Privacy/security considerations for anti-virus on Windows 11 for non-technical users?

I have some family members who are running Windows 11. I appreciate from a privacy point of view this is already bad. I wish I could get them onto Linux but it’s not happening any time soon. It is what it is and I’d like to do the best I can for their privacy and security.

The threat model here definitely excludes any kind of targeted attack. As far as security goes, I’d like to do the best I can to avoid them picking up ransomware, having a virus destroy the system or otherwise losing data. For privacy, I’d just like to reduce the amount of general commercial surveillance and data collection.

I’ve seen all sorts of conflicting advice about the need for anti-virus on modern Windows. Does anyone here have any thoughts?

The family members in question are not incredibly tech savvy, so my primary feeling is that not having anti-virus is probably a security risk. I could be wrong and would be very interested in thoughts on this.

My current inclination is to go with Windows Defender. If I use a third-party anti-virus, that’s another company which gets a chance to pry around in the data on the system. Microsoft already own the OS so if they want to do privacy-invasive things they can, even if I’m not running Windows Defender. So they feel like the least-worst choice. (I appreciate Microsoft might find Windows Defender a convenient point to introduce spyware, so not using it might avoid some prying. But it still seems like the least-worst choice.)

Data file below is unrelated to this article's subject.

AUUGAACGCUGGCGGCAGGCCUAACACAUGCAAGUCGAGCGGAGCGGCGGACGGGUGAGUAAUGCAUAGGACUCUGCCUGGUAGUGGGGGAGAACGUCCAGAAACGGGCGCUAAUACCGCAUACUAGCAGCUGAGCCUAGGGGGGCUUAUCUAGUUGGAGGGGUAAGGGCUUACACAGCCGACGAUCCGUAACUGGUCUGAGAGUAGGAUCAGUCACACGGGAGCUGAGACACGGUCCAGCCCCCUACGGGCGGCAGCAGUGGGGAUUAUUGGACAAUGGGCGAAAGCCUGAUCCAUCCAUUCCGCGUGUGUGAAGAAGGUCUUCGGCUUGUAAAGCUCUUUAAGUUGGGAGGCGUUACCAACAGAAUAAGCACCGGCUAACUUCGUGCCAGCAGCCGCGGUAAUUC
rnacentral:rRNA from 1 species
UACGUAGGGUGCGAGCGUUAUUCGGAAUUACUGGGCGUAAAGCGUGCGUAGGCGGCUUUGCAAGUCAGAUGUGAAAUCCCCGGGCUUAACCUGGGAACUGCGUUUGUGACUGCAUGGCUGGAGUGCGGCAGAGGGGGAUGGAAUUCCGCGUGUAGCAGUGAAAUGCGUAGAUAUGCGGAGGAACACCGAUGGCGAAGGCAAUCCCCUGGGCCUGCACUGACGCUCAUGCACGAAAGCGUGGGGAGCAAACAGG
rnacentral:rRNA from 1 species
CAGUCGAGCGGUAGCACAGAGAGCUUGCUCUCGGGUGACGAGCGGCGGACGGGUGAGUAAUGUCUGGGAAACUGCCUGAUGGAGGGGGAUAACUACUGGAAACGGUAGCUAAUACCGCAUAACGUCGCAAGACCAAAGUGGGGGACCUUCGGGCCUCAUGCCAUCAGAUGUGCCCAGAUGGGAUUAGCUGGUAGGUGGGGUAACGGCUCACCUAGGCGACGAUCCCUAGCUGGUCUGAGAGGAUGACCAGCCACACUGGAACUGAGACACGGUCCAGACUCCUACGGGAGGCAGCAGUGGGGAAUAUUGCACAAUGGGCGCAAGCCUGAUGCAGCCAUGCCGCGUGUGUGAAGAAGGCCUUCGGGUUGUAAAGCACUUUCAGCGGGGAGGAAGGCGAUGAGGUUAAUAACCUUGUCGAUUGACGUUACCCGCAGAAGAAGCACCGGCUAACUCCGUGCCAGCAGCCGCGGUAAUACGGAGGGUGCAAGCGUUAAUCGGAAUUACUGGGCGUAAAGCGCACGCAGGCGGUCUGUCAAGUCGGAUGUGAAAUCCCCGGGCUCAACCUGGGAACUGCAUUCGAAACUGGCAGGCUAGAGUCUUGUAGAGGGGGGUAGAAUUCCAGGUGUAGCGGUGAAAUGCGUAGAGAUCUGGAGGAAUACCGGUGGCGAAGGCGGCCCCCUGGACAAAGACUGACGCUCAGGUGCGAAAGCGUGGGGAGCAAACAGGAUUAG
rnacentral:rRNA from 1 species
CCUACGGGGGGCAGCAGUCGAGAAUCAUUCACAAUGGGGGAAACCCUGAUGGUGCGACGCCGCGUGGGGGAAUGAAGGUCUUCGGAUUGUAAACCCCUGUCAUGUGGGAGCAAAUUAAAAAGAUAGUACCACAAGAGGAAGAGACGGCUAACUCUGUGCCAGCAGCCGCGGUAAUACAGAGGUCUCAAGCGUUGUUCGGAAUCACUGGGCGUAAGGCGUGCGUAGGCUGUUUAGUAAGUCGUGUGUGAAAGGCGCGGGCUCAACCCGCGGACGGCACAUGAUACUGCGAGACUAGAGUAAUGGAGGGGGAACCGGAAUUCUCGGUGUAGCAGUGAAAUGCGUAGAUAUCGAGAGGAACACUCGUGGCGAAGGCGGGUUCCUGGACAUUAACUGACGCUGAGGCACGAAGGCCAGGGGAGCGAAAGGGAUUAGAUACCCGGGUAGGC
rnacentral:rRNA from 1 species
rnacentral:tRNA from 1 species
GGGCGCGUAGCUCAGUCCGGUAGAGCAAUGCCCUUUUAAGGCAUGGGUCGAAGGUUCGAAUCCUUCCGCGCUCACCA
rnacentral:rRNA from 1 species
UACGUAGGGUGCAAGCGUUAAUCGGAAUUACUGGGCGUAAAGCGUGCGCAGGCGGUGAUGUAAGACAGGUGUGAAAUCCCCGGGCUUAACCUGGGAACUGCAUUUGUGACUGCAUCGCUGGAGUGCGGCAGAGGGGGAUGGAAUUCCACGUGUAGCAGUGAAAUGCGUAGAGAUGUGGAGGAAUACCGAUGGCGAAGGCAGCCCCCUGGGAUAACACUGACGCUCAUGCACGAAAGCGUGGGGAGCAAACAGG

Do not use 3rd party AV programs, almost all of them are malware/spyware.
Windows Defender is OK to use and “good enough”.
What your/many family members really need is a more security-conscious mindset so maybe try to educate them in this regard. No AV app will save you if someone clicks on everything that’s clickable without a second thought.


Thanks! While they are (sadly) not too interested in privacy, they do have some interest in security and I have done my best to educate them about common risks. But anyone can make a mistake and (although I am interested in counter-arguments) in their case I suspect having AV of some kind as an insurance policy is a net win.

The Windows defender is enough

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